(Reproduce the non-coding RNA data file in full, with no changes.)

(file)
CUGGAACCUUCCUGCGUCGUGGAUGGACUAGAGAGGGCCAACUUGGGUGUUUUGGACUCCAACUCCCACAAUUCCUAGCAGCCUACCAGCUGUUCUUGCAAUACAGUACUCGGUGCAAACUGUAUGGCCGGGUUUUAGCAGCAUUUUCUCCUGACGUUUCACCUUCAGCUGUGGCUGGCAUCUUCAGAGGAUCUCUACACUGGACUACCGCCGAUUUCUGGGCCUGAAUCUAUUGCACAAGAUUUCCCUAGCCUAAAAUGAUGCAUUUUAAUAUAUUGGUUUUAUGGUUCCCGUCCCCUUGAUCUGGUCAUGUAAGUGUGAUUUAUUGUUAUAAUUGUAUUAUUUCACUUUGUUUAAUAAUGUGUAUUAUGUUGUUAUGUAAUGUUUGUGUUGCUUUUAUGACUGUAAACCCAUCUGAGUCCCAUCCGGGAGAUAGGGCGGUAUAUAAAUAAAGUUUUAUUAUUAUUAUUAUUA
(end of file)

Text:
CUGGAACCUUCCUGCGUCGUGGAUGGACUAGAGAGGGCCAACUUGGGUGUUUUGGACUCCAACUCCCACAAUUCCUAGCAGCCUACCAGCUGUUCUUGCAAUACAGUACUCGGUGCAAACUGUAUGGCCGGGUUUUAGCAGCAUUUUCUCCUGACGUUUCACCUUCAGCUGUGGCUGGCAUCUUCAGAGGAUCUCUACACUGGACUACCGCCGAUUUCUGGGCCUGAAUCUAUUGCACAAGAUUUCCCUAGCCUAAAAUGAUGCAUUUUAAUAUAUUGGUUUUAUGGUUCCCGUCCCCUUGAUCUGGUCAUGUAAGUGUGAUUUAUUGUUAUAAUUGUAUUAUUUCACUUUGUUUAAUAAUGUGUAUUAUGUUGUUAUGUAAUGUUUGUGUUGCUUUUAUGACUGUAAACCCAUCUGAGUCCCAUCCGGGAGAUAGGGCGGUAUAUAAAUAAAGUUUUAUUAUUAUUAUUAUUA